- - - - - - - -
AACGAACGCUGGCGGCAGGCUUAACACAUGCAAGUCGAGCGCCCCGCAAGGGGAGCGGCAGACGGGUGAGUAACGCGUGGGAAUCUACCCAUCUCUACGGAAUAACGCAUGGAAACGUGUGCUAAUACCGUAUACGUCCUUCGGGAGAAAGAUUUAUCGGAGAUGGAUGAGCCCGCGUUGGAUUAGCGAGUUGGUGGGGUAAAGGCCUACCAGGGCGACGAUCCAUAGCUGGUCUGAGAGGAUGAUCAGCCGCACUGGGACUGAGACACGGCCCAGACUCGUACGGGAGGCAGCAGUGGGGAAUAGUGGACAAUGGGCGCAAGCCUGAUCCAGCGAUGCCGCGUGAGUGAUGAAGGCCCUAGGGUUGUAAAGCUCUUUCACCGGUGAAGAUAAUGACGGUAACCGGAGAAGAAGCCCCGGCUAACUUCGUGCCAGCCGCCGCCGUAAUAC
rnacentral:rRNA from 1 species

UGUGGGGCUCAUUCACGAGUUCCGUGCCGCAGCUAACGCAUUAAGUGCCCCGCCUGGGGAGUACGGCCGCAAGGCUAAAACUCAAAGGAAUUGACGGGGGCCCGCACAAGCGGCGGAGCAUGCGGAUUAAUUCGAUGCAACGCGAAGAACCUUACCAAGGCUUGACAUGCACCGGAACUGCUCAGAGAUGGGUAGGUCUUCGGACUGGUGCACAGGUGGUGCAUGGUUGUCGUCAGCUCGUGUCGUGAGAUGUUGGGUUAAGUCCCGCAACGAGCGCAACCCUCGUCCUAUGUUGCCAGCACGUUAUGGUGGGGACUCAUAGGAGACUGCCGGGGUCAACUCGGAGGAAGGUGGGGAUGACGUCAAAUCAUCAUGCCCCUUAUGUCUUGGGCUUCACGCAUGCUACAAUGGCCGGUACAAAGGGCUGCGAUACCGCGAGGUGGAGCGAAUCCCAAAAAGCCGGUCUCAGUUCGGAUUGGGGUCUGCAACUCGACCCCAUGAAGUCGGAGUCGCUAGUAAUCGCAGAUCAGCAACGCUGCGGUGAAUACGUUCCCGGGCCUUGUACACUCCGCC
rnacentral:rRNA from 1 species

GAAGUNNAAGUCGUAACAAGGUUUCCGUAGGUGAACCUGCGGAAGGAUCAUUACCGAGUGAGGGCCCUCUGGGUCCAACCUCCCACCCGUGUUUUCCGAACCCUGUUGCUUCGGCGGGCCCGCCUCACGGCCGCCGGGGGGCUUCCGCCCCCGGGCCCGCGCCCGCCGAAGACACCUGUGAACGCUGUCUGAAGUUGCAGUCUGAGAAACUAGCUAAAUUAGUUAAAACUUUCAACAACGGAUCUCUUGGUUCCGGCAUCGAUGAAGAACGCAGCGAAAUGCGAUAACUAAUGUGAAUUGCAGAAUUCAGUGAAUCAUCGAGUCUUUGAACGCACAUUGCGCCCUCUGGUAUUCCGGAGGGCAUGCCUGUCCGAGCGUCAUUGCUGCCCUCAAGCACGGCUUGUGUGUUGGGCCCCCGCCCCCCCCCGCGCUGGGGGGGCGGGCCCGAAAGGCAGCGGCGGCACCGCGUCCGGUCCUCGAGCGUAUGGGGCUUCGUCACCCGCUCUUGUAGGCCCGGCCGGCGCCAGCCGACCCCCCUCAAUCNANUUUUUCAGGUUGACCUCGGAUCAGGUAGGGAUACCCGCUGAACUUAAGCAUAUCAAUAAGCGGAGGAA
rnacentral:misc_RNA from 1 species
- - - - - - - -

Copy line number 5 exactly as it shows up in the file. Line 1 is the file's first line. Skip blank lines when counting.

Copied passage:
GAAGUNNAAGUCGUAACAAGGUUUCCGUAGGUGAACCUGCGGAAGGAUCAUUACCGAGUGAGGGCCCUCUGGGUCCAACCUCCCACCCGUGUUUUCCGAACCCUGUUGCUUCGGCGGGCCCGCCUCACGGCCGCCGGGGGGCUUCCGCCCCCGGGCCCGCGCCCGCCGAAGACACCUGUGAACGCUGUCUGAAGUUGCAGUCUGAGAAACUAGCUAAAUUAGUUAAAACUUUCAACAACGGAUCUCUUGGUUCCGGCAUCGAUGAAGAACGCAGCGAAAUGCGAUAACUAAUGUGAAUUGCAGAAUUCAGUGAAUCAUCGAGUCUUUGAACGCACAUUGCGCCCUCUGGUAUUCCGGAGGGCAUGCCUGUCCGAGCGUCAUUGCUGCCCUCAAGCACGGCUUGUGUGUUGGGCCCCCGCCCCCCCCCGCGCUGGGGGGGCGGGCCCGAAAGGCAGCGGCGGCACCGCGUCCGGUCCUCGAGCGUAUGGGGCUUCGUCACCCGCUCUUGUAGGCCCGGCCGGCGCCAGCCGACCCCCCUCAAUCNANUUUUUCAGGUUGACCUCGGAUCAGGUAGGGAUACCCGCUGAACUUAAGCAUAUCAAUAAGCGGAGGAA